It was with awe
That I beheld
Fresh leaves, green leaves,
Bright in the sun
Matsuo Basho (1644-1694), the legendary Japanese haiku master of the 17th century, also wrote haibun, a literary form combining prose and haiku. His most well-known haibun, Oku no Hosomichi, or The Narrow Road to the Deep North, recounts the last long walk he completed with his disciple Sora—1,200 miles covered over five months beginning in May 1689. While their days were spent walking, in the evenings they often socialized and wrote with students and friends who lived along their route. The route was also planned to include views that had previously been described by other poets; Basho alludes to these earlier poems in his own descriptions, weaving fragments of literary and historical conversation into his solitary journey. His book was first published in 1702, and hundreds of editions have since appeared in several languages.
Extracts from The Narrow Road to the Deep North by Matsuo Basho
The book opens with this simple description for Basho’s wanting to start the journey of a thousand miles:
Following the example of the ancient priest who is said to have travelled thousands of miles caring naught his provisions and attaining the state of sheer ecstasy under the pure beams of the moon, I left my broken house on the River Sumida in the first year of Jyokyo among the wails of the autumn wind.
The poetic tone of his travelogue continues to delight the reader throughout the book. Here is an example of the haibun form that combines prose with poem:
I crossed the barrier gate of Hakone on a rainy day. All the mountains were deeply buried behind the clouds.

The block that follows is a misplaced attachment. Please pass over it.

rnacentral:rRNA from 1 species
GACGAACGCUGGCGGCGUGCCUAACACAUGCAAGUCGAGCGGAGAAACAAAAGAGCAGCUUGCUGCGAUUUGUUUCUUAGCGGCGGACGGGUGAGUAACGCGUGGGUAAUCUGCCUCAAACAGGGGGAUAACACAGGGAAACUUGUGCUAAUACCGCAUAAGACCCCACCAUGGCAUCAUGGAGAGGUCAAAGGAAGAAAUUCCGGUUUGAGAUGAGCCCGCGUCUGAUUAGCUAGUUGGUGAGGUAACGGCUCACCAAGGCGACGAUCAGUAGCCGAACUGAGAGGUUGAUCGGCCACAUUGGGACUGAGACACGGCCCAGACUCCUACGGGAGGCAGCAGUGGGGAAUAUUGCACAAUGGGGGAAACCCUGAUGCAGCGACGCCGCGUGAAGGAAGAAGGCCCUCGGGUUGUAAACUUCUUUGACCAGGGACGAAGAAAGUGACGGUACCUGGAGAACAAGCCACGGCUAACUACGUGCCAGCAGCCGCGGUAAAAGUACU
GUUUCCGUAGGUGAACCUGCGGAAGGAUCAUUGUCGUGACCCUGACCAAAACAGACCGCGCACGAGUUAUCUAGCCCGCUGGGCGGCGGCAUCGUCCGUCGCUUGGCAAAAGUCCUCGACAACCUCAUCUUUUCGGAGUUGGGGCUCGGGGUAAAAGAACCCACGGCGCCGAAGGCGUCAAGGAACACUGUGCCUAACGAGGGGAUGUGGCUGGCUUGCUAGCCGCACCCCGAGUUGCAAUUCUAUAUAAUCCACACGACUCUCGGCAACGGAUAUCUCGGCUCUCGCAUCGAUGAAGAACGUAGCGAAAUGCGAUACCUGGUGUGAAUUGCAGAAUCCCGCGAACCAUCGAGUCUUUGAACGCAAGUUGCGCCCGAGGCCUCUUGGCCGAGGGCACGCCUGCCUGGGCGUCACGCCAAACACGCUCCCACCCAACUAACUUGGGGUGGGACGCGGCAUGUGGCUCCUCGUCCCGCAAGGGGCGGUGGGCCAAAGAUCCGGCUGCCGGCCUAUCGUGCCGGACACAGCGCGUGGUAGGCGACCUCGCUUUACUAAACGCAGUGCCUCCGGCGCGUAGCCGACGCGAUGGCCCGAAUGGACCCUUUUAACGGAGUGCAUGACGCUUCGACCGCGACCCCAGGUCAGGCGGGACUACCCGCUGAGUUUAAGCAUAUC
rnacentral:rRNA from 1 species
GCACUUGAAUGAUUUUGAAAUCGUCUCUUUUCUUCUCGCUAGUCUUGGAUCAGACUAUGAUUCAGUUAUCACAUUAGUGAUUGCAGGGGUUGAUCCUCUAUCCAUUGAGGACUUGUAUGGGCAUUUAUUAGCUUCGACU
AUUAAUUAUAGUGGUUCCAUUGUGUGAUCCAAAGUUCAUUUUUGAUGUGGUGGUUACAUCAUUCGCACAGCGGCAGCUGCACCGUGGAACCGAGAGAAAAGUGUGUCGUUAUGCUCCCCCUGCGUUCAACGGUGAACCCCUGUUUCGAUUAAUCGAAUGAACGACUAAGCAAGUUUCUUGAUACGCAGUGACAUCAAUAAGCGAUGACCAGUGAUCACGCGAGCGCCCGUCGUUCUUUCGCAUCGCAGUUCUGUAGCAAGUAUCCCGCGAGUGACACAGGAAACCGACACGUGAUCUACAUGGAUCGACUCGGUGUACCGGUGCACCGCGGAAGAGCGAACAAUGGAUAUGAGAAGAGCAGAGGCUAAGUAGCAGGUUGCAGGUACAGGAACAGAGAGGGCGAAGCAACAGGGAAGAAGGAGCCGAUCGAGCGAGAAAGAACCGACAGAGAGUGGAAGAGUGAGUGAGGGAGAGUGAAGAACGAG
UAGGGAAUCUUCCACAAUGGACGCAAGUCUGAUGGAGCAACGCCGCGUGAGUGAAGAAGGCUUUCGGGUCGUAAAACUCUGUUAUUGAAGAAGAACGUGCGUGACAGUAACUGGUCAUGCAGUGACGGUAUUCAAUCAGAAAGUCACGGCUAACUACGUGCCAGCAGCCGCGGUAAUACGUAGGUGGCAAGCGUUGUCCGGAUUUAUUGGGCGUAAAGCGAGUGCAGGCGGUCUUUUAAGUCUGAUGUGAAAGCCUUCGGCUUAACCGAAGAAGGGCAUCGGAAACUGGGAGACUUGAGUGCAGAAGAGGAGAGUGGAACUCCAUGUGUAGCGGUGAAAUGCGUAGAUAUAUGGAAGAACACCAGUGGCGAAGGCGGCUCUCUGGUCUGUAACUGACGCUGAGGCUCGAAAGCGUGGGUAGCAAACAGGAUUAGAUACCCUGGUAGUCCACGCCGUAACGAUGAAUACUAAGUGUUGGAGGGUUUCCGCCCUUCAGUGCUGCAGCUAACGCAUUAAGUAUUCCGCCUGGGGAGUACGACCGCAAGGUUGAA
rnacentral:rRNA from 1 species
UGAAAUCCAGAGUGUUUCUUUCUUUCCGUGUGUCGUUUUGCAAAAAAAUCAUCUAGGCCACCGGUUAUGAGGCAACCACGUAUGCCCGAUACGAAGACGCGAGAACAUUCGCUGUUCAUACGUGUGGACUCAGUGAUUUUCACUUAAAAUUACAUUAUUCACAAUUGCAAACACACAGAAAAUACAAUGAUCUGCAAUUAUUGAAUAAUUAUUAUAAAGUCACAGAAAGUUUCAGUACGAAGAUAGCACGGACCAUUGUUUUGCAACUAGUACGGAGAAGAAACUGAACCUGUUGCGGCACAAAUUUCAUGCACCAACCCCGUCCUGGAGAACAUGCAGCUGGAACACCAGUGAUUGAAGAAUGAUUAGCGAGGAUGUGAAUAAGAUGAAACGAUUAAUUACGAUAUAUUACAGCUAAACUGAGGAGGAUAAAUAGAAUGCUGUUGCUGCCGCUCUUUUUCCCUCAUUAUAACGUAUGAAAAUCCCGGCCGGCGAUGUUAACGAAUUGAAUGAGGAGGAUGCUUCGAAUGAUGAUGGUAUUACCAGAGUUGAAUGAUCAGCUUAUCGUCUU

In a way
It was fun
Not to see Mount Fuji
In foggy rain.
Towards the end of the day I stopped at a small tea house, where a young woman named Butterfly handed me a small piece of white silk and asked me to write a poem choosing her name as the subject.
Poised on a tender orchid,
How sweetly the incense
Burns on its wings.
His travels brought Basho to many temples, some of which he stopped to rest and to write a poem:
I went behind the temple to see the remains of the Priest Buccho’s hermitage. It was a tiny hut, propped against the base of a huge rock. I felt as if I were in the presence of the Priest Genmyo’s cell or the Priest Houn’s retreat. I hung on a wooden pillar of the cottage and wrote the following poem impromptu.
Even the woodpeckers
Have left it untouched,
This tiny cottage
In a summer grove.
Notable sites which Basho passed through included ruined forts and castles, the scene of many a bloody conflict, prompting Basho to reflect on the transience of life and to write passages such as this.
The ruins of the main gate greeted my eyes a mile before I cam upon Lord Hidehara’s mansion, which had been reduced to rice-paddies … The ruined house of Lord Yasuhira was located to the north of the barrier gate of Koromo-ga-seki … Many a feat of chivalrous valour was repeated here during the short span of three generations, but both the actors and the deeds have long been dead and passed into oblivion. When a country is defeated, there remain only mountains and rivers, and on a ruined castle in spring, only grasses thrive. I sat down on my hat and wept bitterly till I almost forgot time.
A thicket of summer grass
Is all that remains
Of the dreams and ambitions
Of ancient warriors.
On completion of his trek around the north of Japan, Basho took a river boat from Ogaki in central Japan south to Kuwana and then on to his birthplace, the ninja stronghold of Iga. He recorded this final leg of his of journey by writing the following passage.
On September the sixth, I left for the Ise Shrine though the fatigue of the long journey was still with me, for I wanted to see the dedication of a new shrine there. As I stepped into a boat, I wrote:
As firmly cemented clam-shells
Fall apart in autumn,
So I must take to the road again,
Farewell, my friends.
Matsuo Basho, The Narrow Road to the Deep North and Other Travel Sketches, translated by Nabuyuki Yuasa, 2016.